-acquire problem solving skills
-advanced classification
Conservation
properties (amount) do not change, even though appearance does
Decenter
realize that their way of looking at the world is only one perspective
Reversal
the ability to work a problem backwards
Formal operations period
(age 11 and on)
- abstract thought : science, religion, morality and politics
-Hypothetical solutions- what if?
Kohlberg's Theory of Moral Development
-Pre-conventional morality (parents)

-Conventional morality (friends)

-Post-conventional morality (personal morals/ethics)
Pre-conventional morality
-behavior is based largely on expectations of rewards and punishments
-individual conforms to society's rules
-usually entails children under the age of 10
Conventional morality
-individual behaves morally in order to gain approval from other people
-conform to avoid censure and guilt
-usually occur around age 13
Post-conventional morality
-highest level of moral thinking
-based on personal beliefs and standards
-individual guided by their conscience
Adolescence
(8-19ish)
period of human development between puberty and adulthood
Erik Erikson's Psychosocial Life-Span Approach
8 stages (indiv. faces a crisis in each stage and when one is met they move on to the next one)

-Trust vs. Mistrust: (0-1 years)
-when you're an infant and you can't trust adults in your life you mistrust everyone
-Autonomy (power) vs. Doubt: (2-3 years)
-kids desire a little control
-choices= good for kids
-Initiative (person does it) vs. Guilt: (4-5 years)
- allow kids to follow thru and maybe fail
-Industry (school) vs. Inferiority: (6-11 years)

-Identity vs. Role Confusion: (Adolescence)
- Who Am I?
-Intimacy vs. Isolation: (Young Adult)
- (closeness) vs. (relationship/friendship)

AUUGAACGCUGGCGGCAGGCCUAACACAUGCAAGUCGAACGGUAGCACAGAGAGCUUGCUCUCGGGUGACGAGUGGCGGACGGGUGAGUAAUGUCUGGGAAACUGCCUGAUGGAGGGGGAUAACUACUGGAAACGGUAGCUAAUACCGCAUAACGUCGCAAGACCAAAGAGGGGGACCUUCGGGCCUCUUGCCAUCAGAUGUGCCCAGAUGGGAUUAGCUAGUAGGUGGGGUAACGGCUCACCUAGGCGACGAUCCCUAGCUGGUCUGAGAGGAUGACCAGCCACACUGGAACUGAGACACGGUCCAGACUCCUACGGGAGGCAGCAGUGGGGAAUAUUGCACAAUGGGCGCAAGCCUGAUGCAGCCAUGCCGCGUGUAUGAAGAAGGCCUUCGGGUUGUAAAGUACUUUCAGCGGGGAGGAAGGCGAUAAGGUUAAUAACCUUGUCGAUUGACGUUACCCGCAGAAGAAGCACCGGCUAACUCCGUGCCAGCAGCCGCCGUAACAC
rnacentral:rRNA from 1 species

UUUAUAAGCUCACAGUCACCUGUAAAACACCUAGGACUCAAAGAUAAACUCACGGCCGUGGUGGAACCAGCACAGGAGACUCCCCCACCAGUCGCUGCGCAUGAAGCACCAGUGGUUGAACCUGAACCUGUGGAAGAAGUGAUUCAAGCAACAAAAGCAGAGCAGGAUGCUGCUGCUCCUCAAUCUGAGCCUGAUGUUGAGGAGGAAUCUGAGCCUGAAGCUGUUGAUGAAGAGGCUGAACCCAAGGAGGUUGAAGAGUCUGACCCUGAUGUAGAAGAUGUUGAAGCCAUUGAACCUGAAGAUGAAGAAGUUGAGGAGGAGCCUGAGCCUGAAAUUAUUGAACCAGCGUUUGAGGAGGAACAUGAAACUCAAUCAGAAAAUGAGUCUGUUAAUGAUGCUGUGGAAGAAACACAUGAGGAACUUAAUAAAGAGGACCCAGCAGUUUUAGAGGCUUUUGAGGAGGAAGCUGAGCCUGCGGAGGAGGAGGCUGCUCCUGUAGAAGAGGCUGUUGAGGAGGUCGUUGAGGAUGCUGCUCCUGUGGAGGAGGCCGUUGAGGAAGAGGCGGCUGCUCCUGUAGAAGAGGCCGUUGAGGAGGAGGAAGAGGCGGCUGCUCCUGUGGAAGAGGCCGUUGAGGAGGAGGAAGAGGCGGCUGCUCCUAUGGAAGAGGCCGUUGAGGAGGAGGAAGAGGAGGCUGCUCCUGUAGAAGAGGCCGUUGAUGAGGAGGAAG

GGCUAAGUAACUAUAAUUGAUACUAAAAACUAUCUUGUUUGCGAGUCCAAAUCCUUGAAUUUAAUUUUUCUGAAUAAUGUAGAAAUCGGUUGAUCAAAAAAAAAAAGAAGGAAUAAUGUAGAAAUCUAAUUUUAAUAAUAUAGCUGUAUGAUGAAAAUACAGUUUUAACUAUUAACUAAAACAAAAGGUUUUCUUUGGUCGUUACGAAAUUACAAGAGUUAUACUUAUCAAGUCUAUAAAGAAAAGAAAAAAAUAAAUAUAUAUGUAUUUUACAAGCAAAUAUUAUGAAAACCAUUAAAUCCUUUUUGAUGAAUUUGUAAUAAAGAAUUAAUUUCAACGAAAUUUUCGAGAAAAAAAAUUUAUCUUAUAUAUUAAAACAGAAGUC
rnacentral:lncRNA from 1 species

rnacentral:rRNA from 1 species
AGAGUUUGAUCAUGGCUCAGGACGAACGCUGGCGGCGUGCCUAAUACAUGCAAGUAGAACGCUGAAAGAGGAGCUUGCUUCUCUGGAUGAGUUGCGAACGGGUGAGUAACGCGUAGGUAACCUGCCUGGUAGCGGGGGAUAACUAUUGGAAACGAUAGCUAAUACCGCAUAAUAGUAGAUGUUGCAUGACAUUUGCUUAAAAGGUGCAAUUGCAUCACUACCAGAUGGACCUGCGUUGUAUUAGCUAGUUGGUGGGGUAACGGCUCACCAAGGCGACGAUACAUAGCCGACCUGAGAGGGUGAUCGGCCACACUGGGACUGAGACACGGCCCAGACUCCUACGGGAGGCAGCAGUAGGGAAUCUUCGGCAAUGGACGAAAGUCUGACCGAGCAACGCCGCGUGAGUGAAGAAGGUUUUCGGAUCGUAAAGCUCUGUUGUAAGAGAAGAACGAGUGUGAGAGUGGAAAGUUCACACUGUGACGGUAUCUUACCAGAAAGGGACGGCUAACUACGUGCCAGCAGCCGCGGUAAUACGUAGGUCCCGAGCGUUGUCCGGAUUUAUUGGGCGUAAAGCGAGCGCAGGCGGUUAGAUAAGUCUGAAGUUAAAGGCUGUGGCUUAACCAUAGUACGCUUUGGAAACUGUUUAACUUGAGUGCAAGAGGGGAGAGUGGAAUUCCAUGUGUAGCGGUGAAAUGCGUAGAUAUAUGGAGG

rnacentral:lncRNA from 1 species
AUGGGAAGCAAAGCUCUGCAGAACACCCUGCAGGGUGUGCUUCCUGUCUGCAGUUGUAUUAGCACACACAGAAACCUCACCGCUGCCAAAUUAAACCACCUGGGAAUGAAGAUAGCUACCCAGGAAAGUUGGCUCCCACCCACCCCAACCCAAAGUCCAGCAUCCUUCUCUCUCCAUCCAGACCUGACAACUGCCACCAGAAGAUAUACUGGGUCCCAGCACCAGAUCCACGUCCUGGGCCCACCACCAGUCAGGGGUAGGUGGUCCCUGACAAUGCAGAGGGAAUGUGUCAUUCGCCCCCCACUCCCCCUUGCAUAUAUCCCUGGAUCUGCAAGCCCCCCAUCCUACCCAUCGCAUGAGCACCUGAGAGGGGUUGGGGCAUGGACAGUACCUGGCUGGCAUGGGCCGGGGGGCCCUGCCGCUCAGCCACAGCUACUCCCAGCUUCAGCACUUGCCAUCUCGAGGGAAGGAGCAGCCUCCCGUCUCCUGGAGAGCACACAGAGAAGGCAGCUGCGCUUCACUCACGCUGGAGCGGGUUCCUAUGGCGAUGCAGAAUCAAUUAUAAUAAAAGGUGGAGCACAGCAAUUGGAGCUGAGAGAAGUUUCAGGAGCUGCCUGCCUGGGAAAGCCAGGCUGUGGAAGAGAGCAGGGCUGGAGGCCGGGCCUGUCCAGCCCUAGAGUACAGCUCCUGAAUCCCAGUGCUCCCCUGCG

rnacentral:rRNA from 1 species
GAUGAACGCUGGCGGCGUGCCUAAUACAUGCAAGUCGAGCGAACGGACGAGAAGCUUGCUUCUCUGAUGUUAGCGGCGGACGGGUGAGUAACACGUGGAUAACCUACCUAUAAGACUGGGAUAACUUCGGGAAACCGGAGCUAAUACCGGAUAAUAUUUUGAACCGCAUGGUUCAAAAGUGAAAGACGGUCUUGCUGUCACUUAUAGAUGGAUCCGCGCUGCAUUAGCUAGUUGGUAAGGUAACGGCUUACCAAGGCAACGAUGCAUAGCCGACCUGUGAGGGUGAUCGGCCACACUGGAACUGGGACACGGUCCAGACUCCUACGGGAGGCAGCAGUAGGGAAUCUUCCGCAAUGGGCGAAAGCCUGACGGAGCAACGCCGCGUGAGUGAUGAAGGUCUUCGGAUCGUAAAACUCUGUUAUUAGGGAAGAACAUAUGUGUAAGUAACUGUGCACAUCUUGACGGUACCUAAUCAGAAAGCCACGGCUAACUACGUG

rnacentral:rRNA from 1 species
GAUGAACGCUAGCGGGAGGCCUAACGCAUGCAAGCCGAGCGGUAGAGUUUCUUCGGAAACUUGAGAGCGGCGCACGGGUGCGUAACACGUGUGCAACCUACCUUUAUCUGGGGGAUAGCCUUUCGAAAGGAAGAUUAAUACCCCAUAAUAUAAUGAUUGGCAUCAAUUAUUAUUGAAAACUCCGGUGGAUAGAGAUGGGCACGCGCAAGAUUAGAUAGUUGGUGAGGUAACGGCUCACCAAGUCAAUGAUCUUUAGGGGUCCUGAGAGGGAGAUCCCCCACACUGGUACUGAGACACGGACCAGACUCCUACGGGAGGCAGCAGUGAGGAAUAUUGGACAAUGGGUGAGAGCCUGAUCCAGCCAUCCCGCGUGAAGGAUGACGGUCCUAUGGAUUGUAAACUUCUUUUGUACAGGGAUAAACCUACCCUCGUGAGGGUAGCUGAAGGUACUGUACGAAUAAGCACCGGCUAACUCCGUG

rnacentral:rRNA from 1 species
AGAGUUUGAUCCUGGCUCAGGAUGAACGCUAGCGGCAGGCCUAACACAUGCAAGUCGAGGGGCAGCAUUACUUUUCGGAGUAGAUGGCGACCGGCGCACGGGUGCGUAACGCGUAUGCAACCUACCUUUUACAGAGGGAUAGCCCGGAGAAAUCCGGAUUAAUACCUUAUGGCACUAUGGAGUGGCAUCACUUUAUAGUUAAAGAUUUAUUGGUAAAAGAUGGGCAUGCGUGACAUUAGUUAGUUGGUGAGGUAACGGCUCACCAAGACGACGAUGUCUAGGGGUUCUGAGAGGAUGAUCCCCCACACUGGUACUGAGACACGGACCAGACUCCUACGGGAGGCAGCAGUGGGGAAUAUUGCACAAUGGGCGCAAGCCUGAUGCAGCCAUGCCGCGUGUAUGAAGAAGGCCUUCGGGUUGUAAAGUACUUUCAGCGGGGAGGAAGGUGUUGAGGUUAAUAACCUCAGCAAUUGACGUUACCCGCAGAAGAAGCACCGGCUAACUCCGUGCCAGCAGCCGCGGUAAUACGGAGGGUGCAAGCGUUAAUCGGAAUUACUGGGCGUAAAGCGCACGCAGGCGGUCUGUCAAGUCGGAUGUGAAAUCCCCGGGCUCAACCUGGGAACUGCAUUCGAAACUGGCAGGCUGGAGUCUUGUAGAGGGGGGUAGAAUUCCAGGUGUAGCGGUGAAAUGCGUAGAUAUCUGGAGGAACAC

-Generativity vs. Self-absorption: (Middle Adult)
- (Awareness) vs. (Egocentrism)
-Integrity vs. Despair: (Old Age)
- coulda/shoulda/woulda-No regrets
Adulthood
period of human development after adolescence
Adulthood ages
Early- "prime of life", physical peak
Middle- physical aging; weaker sense organs
Late- physical deterioration
Fluid Intelligence
the ability to solve novel problems
Crystallized Intelligence
verbal reasoning and comprehension of cultural concepts
Alzheimer's disease
a degenerative disorder of the brain that results in irreversible memory loss
Kubler Ross's Stages of Dying
1- Denial: person believes the doctor is mistaken, "I couldn't be dying."

2- Anger: when the person realizes they are dying they become resentful of all those around them

3- Bargaining: the person try's to buy time by bargaining for time with doctors , family and God

4- Depression: the person recognizes the inevitable and reaches an emotional low

5- Acceptance: the person accepts death as part of life, and is now able to make necessary preparations for the end of their life
Hospice Movement
place for terminally ill patients to die with respect and dignity (can be set up at hospice center or at home)
- treat symptoms of the illness, and not the cause
-help plan funeral/end of life
ex.) offer pain killers, psychological and spiritual support for patient and the family